Mubarak Salisu Seeks Common Ground Between Federal Govt., ASUU In Students' Best Interest
The Senator representing Ogun Central at the Nigerian Youth Parliament, Mubarak Salisu has urged both the Federal Government and the Academic Staff Union of Universities (ASUU) to amicably settle the lingering crisis between them leading to incessant strikes in the education sector in the best interest of students.
He called on both parties to resolve and end the impending industrial action by arriving at a common ground in the interest of students to avert further industrial action.
Salisu said that another strike coming on the heels of the year 2020 paralysis of the country’s universities owing to an impasse in negotiations would leave behind dire consequences for the students and also not augur well for education in the country.
While saying that strikes have become a norm in the education sector, Salisu declared that incessant industrial actions do not only hurt students but also their parents who have been labouring very hard to sponsor their children’s education.
The Parliamentarian stressed that although ASUU was entitled to press home its welfare needs, the lecturers as parents, should approach the negotiating table with open minds and sincerity of purpose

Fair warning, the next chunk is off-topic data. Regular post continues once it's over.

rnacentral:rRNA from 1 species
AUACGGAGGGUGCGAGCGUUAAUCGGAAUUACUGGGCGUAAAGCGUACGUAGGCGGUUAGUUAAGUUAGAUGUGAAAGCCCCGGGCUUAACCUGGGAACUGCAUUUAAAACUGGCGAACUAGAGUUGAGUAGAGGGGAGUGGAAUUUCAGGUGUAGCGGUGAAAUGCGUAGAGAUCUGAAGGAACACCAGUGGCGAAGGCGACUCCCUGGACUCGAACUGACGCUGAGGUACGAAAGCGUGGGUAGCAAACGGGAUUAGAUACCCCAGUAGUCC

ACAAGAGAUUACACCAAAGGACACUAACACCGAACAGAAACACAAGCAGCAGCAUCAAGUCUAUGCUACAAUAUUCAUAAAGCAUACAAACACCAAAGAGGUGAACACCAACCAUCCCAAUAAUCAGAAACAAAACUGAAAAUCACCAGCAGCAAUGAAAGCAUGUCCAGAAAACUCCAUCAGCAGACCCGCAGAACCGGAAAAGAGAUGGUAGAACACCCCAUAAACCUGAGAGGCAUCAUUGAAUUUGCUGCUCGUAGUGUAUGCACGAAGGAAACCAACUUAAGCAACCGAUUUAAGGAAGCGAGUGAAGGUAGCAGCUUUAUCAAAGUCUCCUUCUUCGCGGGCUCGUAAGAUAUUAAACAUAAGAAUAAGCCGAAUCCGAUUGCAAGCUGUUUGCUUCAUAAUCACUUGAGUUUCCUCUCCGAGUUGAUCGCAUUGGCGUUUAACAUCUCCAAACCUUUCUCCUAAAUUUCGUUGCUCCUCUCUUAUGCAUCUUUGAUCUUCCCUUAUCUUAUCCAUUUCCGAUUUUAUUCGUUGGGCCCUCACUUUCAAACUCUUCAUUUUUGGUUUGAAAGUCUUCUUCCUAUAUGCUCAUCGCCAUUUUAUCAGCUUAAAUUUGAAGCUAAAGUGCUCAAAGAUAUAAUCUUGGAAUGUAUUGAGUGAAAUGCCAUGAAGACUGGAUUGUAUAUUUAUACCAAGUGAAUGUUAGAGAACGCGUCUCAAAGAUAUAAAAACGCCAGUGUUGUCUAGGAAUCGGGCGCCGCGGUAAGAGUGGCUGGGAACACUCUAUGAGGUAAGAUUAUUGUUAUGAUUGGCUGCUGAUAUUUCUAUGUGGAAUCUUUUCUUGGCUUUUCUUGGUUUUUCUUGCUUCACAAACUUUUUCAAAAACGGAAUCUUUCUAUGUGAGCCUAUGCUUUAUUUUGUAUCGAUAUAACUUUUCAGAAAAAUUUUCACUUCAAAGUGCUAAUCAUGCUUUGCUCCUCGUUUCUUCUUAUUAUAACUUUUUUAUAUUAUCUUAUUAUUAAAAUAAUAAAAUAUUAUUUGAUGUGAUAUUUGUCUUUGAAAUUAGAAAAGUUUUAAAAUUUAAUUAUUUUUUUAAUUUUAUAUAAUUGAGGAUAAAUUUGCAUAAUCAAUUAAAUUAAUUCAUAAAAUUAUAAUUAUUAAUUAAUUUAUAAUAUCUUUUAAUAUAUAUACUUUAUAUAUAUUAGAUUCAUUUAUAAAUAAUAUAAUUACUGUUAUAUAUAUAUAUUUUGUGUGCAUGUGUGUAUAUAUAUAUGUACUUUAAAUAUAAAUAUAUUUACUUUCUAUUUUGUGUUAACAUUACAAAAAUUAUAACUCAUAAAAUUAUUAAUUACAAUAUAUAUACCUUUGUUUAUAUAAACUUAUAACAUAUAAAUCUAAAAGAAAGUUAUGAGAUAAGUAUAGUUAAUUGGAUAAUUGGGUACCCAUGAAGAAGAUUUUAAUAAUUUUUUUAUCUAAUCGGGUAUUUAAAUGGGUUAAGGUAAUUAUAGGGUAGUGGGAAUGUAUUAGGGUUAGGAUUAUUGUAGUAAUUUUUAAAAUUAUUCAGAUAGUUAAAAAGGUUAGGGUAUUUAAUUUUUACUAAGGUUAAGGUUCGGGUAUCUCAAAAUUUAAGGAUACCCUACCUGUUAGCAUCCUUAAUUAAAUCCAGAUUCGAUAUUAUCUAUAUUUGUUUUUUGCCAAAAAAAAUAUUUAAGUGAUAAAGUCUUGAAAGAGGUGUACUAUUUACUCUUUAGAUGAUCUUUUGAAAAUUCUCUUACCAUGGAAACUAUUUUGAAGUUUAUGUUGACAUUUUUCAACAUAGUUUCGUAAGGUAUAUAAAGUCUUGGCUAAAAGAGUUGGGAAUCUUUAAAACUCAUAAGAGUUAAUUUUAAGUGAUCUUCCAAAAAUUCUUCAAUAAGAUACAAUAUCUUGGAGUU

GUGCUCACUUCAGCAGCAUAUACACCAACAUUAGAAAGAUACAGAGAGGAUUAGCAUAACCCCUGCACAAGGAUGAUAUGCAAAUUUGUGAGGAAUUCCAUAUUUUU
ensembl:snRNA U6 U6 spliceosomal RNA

Salisu called on the Federal Government to immediately summon an emergency stakeholders’ meeting in the education sector where lasting solutions would be proffered to challenges militating against the smooth operation of the sector.
According to him, “The university strike in Nigeria is becoming a norm with successive governments failing to meet the demands and fulfil the 2008 agreement signed by the Federal Government and the ASUU.
“This strike has continued to hurt the students more and their parents, who labour very hard and in the end have little in their pockets to take care of the needs of their respective children in Nigerian universities.
“It is in the light of the above that the ASUU strike seems to be a festival in Nigeria that happens every year leaving the consequences directly on the students to bear.
“It is an unarguable discussion that a four-year course now takes not less than seven to eight years for a Nigerian student who is battling tooth and nail to survive in the current economic realities
He, therefore, appealed to the government to fulfil its part of the agreement with the lecturers.
“Embarking on another strike at this point, is an ill-wind that will not blow the Nigerian Students, their parents and guardians any good. The incessant (ASUU) strike in Nigeria has become a source of concern and needs be nipped in the bud by the Federal Government.
The interest of the teeming students about to graduate and those waiting to gain admission should take pre-eminence in their quests to resolve all contentious issues,” he added.